The Board of Directors of the National Nursing Network Organization joins many who mourn the passing of Dr. Dorothy Height, an African-American administrator, an educator, and a civil rights activist. The two main causes that she crusaded for almost her entire life were equal rights for all and social justice. Height joined Dr. Martin Luther King on the podium when King delivered his most memorable speech, "I Have A Dream" in Washington DC. Many know Height as the founding matriarch of the civil rights movement. Dorothy Height was also the daughter of a nurse; her mother often encouraged her to stand up for her beliefs.
During a 2003 interview Height said, "I'm always an optimist because I have an abiding faith. And I believe that somehow or other the right will prevail and we have to keep working, I think justice is not an impossibility. I think we can achieve it ...But every battle seems to have to be hard fought and hard and we have to work at it. And that's why I think that we worked with the faith that we can bring about change."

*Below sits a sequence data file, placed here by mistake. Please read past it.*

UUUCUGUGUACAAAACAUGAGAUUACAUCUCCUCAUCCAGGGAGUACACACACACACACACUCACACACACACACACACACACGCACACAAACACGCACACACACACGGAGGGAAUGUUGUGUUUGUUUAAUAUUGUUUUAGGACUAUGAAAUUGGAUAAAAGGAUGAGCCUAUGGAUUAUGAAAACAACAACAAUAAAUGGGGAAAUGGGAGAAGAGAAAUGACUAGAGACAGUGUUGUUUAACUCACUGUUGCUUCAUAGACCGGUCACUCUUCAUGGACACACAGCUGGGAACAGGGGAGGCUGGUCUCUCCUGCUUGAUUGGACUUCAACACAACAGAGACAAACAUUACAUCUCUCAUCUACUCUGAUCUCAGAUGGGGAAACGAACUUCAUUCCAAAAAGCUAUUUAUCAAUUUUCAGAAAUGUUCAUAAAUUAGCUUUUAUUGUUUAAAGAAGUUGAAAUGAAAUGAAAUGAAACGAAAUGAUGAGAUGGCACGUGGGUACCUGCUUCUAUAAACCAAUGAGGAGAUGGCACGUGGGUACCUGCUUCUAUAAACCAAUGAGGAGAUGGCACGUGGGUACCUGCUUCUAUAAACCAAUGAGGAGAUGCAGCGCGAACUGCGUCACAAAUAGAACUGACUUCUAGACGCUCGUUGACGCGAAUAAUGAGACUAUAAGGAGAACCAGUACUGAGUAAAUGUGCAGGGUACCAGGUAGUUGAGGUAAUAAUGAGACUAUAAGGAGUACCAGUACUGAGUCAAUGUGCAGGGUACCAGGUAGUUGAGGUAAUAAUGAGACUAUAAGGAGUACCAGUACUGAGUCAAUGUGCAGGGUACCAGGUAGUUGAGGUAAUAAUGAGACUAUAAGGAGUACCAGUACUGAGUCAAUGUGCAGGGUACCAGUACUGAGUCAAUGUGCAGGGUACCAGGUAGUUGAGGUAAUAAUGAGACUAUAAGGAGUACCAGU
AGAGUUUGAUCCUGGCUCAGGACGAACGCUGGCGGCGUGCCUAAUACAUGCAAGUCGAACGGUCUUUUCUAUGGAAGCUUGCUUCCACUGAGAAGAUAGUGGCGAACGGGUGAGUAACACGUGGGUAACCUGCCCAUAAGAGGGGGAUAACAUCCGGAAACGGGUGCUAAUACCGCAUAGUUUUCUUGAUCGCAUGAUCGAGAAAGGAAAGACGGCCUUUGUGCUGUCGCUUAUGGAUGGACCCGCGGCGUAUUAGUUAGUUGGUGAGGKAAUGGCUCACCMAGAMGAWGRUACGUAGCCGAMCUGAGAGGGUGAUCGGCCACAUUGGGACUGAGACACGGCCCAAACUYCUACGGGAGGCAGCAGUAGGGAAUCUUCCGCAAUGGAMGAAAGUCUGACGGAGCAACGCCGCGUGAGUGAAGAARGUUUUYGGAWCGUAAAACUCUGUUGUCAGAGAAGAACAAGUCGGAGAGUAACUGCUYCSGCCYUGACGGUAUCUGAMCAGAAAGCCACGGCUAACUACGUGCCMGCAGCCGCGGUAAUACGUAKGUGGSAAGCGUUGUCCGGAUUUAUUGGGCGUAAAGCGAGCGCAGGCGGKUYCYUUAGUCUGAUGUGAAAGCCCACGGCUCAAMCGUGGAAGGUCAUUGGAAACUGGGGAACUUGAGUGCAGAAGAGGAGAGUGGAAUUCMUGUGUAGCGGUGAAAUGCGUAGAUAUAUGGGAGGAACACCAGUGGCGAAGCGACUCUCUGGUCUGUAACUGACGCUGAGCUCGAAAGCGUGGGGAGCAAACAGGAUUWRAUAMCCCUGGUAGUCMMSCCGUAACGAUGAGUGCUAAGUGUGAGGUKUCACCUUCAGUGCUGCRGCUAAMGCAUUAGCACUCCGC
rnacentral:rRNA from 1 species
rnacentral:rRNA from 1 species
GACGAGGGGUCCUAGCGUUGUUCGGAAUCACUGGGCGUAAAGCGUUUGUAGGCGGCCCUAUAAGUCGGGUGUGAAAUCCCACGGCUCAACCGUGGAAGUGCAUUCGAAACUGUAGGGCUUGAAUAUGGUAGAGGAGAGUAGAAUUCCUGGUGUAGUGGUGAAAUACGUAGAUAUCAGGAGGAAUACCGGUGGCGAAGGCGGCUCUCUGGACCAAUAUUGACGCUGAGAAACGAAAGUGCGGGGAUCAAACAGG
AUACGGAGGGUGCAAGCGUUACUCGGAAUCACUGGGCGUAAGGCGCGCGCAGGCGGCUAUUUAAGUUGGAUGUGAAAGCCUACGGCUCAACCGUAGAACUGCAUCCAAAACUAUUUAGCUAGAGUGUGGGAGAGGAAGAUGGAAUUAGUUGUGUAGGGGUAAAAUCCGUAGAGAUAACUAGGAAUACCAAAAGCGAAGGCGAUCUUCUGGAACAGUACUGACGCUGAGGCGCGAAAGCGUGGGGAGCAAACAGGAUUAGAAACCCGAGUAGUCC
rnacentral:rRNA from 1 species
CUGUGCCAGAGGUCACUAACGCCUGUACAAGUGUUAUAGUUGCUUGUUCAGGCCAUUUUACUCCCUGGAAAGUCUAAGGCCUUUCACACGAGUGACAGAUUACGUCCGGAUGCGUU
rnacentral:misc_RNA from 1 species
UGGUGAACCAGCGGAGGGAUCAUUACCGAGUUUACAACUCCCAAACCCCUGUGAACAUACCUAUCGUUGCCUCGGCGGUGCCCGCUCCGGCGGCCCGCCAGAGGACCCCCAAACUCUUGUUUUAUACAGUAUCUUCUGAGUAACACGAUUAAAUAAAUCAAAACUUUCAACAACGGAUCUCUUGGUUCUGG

Height's continued passion, dedication, and tireless work opened up many doors for civil and women's rights. She inspired countless women to become effective leaders and remained a close mentor and confidante to those working to make our country a better and more just place to live.
Her words ring true for those working to see the passage of HR 4601 The National Nurse Act of 2010
"You have the power to benefit your community for the next 10 years. You have the right to be counted," ... "It is your civic duty. Don't let anybody or anything stop you."
Dr. Dorothy Height
The National Nursing Network Organization Team—Wednesday, April 21, 2010